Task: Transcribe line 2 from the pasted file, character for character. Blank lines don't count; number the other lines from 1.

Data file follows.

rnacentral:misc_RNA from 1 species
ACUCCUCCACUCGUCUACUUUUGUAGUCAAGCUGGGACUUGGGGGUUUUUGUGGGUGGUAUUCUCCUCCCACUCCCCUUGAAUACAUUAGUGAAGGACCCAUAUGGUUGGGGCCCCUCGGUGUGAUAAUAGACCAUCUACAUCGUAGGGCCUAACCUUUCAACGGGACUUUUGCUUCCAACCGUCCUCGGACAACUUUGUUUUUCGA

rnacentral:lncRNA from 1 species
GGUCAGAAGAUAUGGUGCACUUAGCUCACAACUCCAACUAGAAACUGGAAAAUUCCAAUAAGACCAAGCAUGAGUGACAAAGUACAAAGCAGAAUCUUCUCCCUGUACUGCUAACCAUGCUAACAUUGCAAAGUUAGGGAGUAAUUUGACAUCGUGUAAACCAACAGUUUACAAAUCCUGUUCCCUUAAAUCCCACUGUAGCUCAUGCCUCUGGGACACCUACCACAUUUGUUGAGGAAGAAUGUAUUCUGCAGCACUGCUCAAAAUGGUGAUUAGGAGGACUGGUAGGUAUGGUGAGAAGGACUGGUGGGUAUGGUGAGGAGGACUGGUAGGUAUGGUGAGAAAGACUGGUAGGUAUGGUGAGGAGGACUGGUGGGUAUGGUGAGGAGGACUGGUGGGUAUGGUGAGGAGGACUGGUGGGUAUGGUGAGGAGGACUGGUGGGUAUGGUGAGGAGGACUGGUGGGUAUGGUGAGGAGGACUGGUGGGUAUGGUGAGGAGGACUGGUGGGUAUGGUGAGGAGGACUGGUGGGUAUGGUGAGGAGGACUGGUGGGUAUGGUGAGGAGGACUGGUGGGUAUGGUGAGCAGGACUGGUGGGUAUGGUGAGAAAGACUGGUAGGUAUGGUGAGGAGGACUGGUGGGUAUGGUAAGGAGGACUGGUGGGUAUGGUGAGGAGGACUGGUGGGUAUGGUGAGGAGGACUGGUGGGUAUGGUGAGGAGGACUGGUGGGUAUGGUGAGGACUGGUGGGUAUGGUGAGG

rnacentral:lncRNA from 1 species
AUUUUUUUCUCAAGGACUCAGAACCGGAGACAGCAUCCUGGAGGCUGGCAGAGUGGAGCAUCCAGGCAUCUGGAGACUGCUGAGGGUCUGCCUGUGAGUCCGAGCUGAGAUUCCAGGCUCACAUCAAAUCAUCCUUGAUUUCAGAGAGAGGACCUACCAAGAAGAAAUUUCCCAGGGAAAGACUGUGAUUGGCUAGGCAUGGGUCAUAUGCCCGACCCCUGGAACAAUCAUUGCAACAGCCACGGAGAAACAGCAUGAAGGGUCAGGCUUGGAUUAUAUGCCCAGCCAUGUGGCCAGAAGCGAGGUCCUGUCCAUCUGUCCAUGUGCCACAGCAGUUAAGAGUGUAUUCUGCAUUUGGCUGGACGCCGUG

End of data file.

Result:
ACUCCUCCACUCGUCUACUUUUGUAGUCAAGCUGGGACUUGGGGGUUUUUGUGGGUGGUAUUCUCCUCCCACUCCCCUUGAAUACAUUAGUGAAGGACCCAUAUGGUUGGGGCCCCUCGGUGUGAUAAUAGACCAUCUACAUCGUAGGGCCUAACCUUUCAACGGGACUUUUGCUUCCAACCGUCCUCGGACAACUUUGUUUUUCGA